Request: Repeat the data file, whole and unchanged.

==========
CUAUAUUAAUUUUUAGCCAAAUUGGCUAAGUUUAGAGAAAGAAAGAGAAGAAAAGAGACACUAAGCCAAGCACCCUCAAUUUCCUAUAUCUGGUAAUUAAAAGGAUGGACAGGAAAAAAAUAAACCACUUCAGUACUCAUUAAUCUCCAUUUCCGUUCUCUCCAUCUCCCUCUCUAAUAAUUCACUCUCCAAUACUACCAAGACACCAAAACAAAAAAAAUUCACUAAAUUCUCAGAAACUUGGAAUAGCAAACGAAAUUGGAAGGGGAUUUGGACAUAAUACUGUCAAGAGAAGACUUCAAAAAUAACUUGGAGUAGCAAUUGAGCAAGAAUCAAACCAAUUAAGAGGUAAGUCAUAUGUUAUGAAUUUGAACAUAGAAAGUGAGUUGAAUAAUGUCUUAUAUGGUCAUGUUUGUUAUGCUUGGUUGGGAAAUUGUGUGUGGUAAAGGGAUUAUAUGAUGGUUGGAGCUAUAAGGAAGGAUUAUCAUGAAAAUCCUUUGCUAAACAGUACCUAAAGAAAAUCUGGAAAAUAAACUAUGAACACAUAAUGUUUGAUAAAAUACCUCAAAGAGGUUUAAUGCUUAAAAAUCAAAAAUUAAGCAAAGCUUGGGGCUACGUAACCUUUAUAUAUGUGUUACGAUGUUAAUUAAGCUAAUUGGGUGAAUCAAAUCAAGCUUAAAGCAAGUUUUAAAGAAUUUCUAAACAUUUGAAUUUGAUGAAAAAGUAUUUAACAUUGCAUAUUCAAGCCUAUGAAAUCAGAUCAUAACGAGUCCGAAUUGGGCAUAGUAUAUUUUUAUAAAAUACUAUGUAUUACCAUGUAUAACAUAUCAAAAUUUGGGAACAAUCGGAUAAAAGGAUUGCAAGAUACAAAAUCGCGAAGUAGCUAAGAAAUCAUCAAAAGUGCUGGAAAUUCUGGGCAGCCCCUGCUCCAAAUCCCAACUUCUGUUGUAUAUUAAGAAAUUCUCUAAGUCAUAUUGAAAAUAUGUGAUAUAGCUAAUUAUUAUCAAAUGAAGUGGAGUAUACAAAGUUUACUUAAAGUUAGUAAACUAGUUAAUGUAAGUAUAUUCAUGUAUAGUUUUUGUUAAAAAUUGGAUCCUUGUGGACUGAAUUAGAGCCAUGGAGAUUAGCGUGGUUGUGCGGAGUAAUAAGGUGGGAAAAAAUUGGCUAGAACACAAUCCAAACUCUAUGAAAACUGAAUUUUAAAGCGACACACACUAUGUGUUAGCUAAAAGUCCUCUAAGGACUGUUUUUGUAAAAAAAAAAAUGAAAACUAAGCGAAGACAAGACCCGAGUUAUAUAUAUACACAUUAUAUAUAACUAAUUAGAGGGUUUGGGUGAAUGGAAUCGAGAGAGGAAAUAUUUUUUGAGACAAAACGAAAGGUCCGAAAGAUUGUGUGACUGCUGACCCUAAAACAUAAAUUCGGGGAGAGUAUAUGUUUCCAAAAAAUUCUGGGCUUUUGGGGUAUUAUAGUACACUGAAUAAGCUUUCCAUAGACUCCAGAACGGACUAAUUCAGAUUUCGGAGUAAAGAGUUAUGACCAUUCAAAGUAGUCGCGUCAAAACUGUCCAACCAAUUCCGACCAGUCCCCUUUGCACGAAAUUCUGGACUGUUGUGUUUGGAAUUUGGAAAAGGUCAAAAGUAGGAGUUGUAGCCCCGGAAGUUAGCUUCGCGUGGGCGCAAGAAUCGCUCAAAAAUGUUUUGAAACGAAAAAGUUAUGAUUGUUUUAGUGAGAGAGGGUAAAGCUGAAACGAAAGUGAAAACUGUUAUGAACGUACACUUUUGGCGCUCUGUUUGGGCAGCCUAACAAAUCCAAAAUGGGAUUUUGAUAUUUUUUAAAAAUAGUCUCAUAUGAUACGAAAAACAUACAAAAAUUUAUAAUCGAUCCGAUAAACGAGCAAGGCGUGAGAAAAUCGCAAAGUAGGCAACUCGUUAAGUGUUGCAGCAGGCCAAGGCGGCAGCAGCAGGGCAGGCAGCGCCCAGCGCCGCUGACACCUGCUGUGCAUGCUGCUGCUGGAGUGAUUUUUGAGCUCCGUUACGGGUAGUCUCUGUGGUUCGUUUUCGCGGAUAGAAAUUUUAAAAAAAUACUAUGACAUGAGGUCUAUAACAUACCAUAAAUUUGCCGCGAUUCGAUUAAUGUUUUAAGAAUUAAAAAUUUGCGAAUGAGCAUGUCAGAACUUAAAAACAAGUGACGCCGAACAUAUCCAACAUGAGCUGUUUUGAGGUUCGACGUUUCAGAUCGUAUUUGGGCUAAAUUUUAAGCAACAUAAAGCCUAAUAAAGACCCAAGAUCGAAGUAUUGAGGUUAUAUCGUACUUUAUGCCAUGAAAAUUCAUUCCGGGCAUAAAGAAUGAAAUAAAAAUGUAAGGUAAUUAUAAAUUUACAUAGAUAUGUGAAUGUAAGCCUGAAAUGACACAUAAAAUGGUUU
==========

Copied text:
CUAUAUUAAUUUUUAGCCAAAUUGGCUAAGUUUAGAGAAAGAAAGAGAAGAAAAGAGACACUAAGCCAAGCACCCUCAAUUUCCUAUAUCUGGUAAUUAAAAGGAUGGACAGGAAAAAAAUAAACCACUUCAGUACUCAUUAAUCUCCAUUUCCGUUCUCUCCAUCUCCCUCUCUAAUAAUUCACUCUCCAAUACUACCAAGACACCAAAACAAAAAAAAUUCACUAAAUUCUCAGAAACUUGGAAUAGCAAACGAAAUUGGAAGGGGAUUUGGACAUAAUACUGUCAAGAGAAGACUUCAAAAAUAACUUGGAGUAGCAAUUGAGCAAGAAUCAAACCAAUUAAGAGGUAAGUCAUAUGUUAUGAAUUUGAACAUAGAAAGUGAGUUGAAUAAUGUCUUAUAUGGUCAUGUUUGUUAUGCUUGGUUGGGAAAUUGUGUGUGGUAAAGGGAUUAUAUGAUGGUUGGAGCUAUAAGGAAGGAUUAUCAUGAAAAUCCUUUGCUAAACAGUACCUAAAGAAAAUCUGGAAAAUAAACUAUGAACACAUAAUGUUUGAUAAAAUACCUCAAAGAGGUUUAAUGCUUAAAAAUCAAAAAUUAAGCAAAGCUUGGGGCUACGUAACCUUUAUAUAUGUGUUACGAUGUUAAUUAAGCUAAUUGGGUGAAUCAAAUCAAGCUUAAAGCAAGUUUUAAAGAAUUUCUAAACAUUUGAAUUUGAUGAAAAAGUAUUUAACAUUGCAUAUUCAAGCCUAUGAAAUCAGAUCAUAACGAGUCCGAAUUGGGCAUAGUAUAUUUUUAUAAAAUACUAUGUAUUACCAUGUAUAACAUAUCAAAAUUUGGGAACAAUCGGAUAAAAGGAUUGCAAGAUACAAAAUCGCGAAGUAGCUAAGAAAUCAUCAAAAGUGCUGGAAAUUCUGGGCAGCCCCUGCUCCAAAUCCCAACUUCUGUUGUAUAUUAAGAAAUUCUCUAAGUCAUAUUGAAAAUAUGUGAUAUAGCUAAUUAUUAUCAAAUGAAGUGGAGUAUACAAAGUUUACUUAAAGUUAGUAAACUAGUUAAUGUAAGUAUAUUCAUGUAUAGUUUUUGUUAAAAAUUGGAUCCUUGUGGACUGAAUUAGAGCCAUGGAGAUUAGCGUGGUUGUGCGGAGUAAUAAGGUGGGAAAAAAUUGGCUAGAACACAAUCCAAACUCUAUGAAAACUGAAUUUUAAAGCGACACACACUAUGUGUUAGCUAAAAGUCCUCUAAGGACUGUUUUUGUAAAAAAAAAAAUGAAAACUAAGCGAAGACAAGACCCGAGUUAUAUAUAUACACAUUAUAUAUAACUAAUUAGAGGGUUUGGGUGAAUGGAAUCGAGAGAGGAAAUAUUUUUUGAGACAAAACGAAAGGUCCGAAAGAUUGUGUGACUGCUGACCCUAAAACAUAAAUUCGGGGAGAGUAUAUGUUUCCAAAAAAUUCUGGGCUUUUGGGGUAUUAUAGUACACUGAAUAAGCUUUCCAUAGACUCCAGAACGGACUAAUUCAGAUUUCGGAGUAAAGAGUUAUGACCAUUCAAAGUAGUCGCGUCAAAACUGUCCAACCAAUUCCGACCAGUCCCCUUUGCACGAAAUUCUGGACUGUUGUGUUUGGAAUUUGGAAAAGGUCAAAAGUAGGAGUUGUAGCCCCGGAAGUUAGCUUCGCGUGGGCGCAAGAAUCGCUCAAAAAUGUUUUGAAACGAAAAAGUUAUGAUUGUUUUAGUGAGAGAGGGUAAAGCUGAAACGAAAGUGAAAACUGUUAUGAACGUACACUUUUGGCGCUCUGUUUGGGCAGCCUAACAAAUCCAAAAUGGGAUUUUGAUAUUUUUUAAAAAUAGUCUCAUAUGAUACGAAAAACAUACAAAAAUUUAUAAUCGAUCCGAUAAACGAGCAAGGCGUGAGAAAAUCGCAAAGUAGGCAACUCGUUAAGUGUUGCAGCAGGCCAAGGCGGCAGCAGCAGGGCAGGCAGCGCCCAGCGCCGCUGACACCUGCUGUGCAUGCUGCUGCUGGAGUGAUUUUUGAGCUCCGUUACGGGUAGUCUCUGUGGUUCGUUUUCGCGGAUAGAAAUUUUAAAAAAAUACUAUGACAUGAGGUCUAUAACAUACCAUAAAUUUGCCGCGAUUCGAUUAAUGUUUUAAGAAUUAAAAAUUUGCGAAUGAGCAUGUCAGAACUUAAAAACAAGUGACGCCGAACAUAUCCAACAUGAGCUGUUUUGAGGUUCGACGUUUCAGAUCGUAUUUGGGCUAAAUUUUAAGCAACAUAAAGCCUAAUAAAGACCCAAGAUCGAAGUAUUGAGGUUAUAUCGUACUUUAUGCCAUGAAAAUUCAUUCCGGGCAUAAAGAAUGAAAUAAAAAUGUAAGGUAAUUAUAAAUUUACAUAGAUAUGUGAAUGUAAGCCUGAAAUGACACAUAAAAUGGUUU